72 Fallacy of the Undistributed Middle – failure of logic where the middle of a distribution does not appear in the beginning or end. Example: all cats have 4 legs, my dog has 4 legs, therefore my dog is a cat.
73 Sherlock Holmes and Sydney Paget – Sidney Edward Paget (1860 -1908) illustrator in the Strand Magazine and best known for his Sherlock Holmes drawings which appeared in instalments.
74 lucus a non lucendo – an illogical explanation or non sequitur. From Latin ‘lucus’, a grove, and ‘lucere’, to light: ie there is little light in a grove of trees. Also p.154.
Away with such a fellow from the earth – Acts 22:22 – And they gave him audience unto this word, and then lifted up their voices, and said, Away with such a fellow from the earth: for it is not fit that he should live.
75 ‘Little Liar’ – the capital letters suggest that this is a reference to Hilaire Belloc’s Matilda, who told so many lies that nobody believed her when her house really caught fire: “For every time she shouted ‘Fire!’/They only answered ‘Little Liar!”
77 Life of Molly Bangs – Mrs Morland is surprised that Lord Crosse appreciates the biography of this lady that she wrote in the intervals of producing novels. It is of course Angela Thirkell’s The Fortunes of Harriette: the surprising career of Harriette Wilson. The unisex pseudonym Esme Porlock is rather like Thirkell’s choice of Leslie Parker for her early book Trooper to the Southern Cross.
she lived at hack and manger – applied to one who has got into quarters where everything is comfortable and plenteous.
78 Philip. Ogygia. What did? – Happy Thoughts by F. C. Burnand, a prolific writer of comic plays. ‘Happy Thoughts’ appeared as a column in Punch which he later edited. A collected edition was published in 1890 but it is certainly better in small doses.
82 one can draw one’s own allusions – the use of this word for ‘conclusions’ is rather like Sam Adams’s use of ‘relusion’ for ‘allusion’ in
83 the torch whose sacred flame he had so long and faithfully tended – Possibly a general reference, or: ‘Back of all ceremony burns and will forever burn the sacred flame. There has been no time in the world’s history when that torch was extinguished. In all ages, in all climes, among all people, there has been true, pure, and unselfish love’ : Robert Ingersoll 1900.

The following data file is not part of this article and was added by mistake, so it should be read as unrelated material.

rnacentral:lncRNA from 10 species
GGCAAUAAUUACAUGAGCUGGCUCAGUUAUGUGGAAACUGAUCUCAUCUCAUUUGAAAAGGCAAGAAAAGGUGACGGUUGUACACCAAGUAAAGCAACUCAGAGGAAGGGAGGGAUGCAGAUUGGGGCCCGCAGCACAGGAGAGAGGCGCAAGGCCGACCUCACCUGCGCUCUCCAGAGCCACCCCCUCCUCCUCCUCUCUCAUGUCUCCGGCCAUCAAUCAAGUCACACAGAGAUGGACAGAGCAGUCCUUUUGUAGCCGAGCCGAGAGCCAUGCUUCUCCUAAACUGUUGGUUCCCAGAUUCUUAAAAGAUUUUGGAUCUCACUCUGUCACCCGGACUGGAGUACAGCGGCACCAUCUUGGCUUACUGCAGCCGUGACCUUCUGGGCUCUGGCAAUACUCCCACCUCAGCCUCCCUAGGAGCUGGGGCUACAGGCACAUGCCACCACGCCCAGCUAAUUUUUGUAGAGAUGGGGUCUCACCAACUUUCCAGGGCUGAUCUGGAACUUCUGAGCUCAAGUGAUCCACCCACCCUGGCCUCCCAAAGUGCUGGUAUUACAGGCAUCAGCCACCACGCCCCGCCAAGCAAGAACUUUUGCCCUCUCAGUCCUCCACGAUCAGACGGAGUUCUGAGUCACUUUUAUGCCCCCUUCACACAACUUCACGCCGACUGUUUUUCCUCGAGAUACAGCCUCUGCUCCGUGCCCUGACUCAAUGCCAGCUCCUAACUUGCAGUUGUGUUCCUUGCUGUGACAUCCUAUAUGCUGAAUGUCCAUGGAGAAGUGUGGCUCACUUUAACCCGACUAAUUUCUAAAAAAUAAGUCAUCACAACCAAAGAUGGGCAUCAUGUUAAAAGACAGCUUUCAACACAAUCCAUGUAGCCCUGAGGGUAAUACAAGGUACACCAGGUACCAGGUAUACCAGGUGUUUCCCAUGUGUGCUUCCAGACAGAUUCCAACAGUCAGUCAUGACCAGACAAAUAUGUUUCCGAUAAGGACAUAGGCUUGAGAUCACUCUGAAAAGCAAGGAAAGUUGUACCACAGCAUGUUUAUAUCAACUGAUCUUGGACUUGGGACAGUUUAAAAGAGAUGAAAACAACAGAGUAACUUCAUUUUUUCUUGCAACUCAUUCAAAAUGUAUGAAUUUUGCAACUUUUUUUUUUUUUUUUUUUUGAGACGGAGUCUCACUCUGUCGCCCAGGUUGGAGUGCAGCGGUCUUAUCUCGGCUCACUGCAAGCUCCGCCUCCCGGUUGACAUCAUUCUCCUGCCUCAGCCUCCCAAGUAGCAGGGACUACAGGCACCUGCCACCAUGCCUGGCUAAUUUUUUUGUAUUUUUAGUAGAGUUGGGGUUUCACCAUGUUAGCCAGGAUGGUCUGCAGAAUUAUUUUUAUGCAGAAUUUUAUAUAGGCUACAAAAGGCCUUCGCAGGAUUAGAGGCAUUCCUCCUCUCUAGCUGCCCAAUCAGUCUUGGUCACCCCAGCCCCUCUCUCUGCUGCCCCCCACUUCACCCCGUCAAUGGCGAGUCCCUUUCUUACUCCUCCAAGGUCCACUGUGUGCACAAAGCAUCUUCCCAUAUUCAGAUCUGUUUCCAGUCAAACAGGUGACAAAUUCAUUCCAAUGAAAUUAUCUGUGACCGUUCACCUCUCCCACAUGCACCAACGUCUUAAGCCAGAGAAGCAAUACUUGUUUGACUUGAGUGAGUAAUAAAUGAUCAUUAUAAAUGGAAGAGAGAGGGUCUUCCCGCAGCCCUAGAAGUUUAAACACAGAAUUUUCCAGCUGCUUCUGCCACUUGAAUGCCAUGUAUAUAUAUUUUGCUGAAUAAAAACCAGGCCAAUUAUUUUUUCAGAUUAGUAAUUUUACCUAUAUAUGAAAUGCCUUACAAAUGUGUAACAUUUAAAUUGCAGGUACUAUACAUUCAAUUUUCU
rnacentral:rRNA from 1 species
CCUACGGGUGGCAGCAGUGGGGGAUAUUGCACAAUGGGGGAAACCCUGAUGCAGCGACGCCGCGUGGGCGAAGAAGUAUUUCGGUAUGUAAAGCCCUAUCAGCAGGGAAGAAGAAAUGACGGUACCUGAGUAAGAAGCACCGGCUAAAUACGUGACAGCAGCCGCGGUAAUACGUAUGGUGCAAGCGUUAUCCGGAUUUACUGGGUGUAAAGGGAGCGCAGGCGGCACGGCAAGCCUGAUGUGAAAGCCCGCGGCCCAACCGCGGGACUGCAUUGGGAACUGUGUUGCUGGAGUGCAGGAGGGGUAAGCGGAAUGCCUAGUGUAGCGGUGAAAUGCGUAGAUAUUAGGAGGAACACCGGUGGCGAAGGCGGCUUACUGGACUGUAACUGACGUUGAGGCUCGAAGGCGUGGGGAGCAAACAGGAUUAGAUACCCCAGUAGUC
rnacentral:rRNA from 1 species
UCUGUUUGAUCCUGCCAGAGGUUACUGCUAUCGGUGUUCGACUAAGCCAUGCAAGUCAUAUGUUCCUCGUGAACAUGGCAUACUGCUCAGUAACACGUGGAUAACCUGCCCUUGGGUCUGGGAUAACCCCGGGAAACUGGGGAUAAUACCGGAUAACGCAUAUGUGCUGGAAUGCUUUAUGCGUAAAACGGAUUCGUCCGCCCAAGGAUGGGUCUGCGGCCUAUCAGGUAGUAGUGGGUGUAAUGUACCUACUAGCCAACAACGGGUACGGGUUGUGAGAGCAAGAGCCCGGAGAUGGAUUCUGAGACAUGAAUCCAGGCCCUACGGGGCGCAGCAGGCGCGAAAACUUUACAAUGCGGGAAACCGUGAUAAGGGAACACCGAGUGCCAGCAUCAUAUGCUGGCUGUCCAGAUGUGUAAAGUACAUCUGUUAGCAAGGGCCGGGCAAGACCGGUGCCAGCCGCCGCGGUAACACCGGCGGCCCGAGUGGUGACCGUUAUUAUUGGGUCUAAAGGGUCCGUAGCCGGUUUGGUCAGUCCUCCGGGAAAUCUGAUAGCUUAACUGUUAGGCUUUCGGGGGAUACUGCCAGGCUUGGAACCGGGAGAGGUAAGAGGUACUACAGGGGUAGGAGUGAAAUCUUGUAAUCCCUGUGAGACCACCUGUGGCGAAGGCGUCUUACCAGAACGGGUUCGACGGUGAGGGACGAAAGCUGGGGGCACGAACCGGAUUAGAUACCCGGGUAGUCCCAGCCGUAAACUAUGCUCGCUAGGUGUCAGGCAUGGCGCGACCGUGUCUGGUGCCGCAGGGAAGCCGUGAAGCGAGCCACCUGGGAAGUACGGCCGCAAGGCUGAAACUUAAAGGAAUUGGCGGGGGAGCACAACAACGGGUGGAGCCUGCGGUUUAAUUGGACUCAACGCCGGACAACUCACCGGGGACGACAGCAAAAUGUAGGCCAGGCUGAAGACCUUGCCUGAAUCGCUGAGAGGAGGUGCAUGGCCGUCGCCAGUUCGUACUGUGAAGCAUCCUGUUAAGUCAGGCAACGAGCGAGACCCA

84 forrader – further forward.
the light tempered, or as our formerly lively neighbours the Gauls say, sieved – probably Dulce Cor by Ford Bereton.
85 Coniston Old Man …Wetherlam …Watendlath…Thirlmere – Thirkell’s walking in the Lake District shows here and **
90 life was not all beer and skittles – Best known from Tom Brown’s School Days by Thomas Hughes, 1857, though it appears as “all porter and skittles” in Dickens’s The Pickwick Papers.
96 would sooner have read Bradshaw – Bradshaw’s continental railway guide – the first being in 1847.
96 embark upon one of her snipe-flights – the snipe when startled from ground will leap up with dashing erratic flight and drop to ground again quickly.
97 Burke and Debrett – Burke’s Peerage (now a limited company) publishes directories of the ancestry of peers, baronets, knights and landed gentry. Debrett’s publishes both biographical information and coats of arms for the various grades of the British nobility and an Etiquette manual explaining how to address royalty and nobility, advice on correspondence and international etiquette.
100 a relation of Mr Peter Magnus’s friends – Dickens, Pickwick Papers chapter 23.
106 hop the twig – to die.
108 a haunt of ancient peace – Alfred Lord Tennyson’s tribute to the Lincolnshire stately home Gunby Hall was written out by him in 1849 and hangs in the library: “An English home … all things in order stored, a haunt of peace.”
117 had not kicked against the pricks – Acts of the Apostles Chapter 9 verse 5. Also The Old Bank House 330, Enter Sir Robert 64.
121 Vache-en-Etable – sounds very authentic as a French place-name, but means Cow in the Cowshed. See also p. 189, p.240. Also Enter Sir Robert 120.
122 an Ancient Mariner’s eye – In Coleridge’s poem ‘The Rime of the Ancient Mariner’ his glittering eye transfixes the wedding guest who has to listen to him instead of going to the wedding.
a son is a son – Irish saying: Your son is your son till he takes him a wife, your daughter’s your daughter the whole of her life.
the kind of voice which the Sibyl doubtless used to Tarquin – One day, a mysterious old woman appeared in the court of Rome and asked to speak to the king. She then showed him nine books of prophecies and offered him the chance to buy them for a particularly high price. King Tarquin declined the offer, so the woman burned three of the books, and offered him the remaining books at the same price. The king declined again, and the woman burned another three of the books. Offering the remaining three books at the same high price, the king reluctantly accepted and paid the exorbitant price to the woman, who then disappeared as quickly as she had appeared.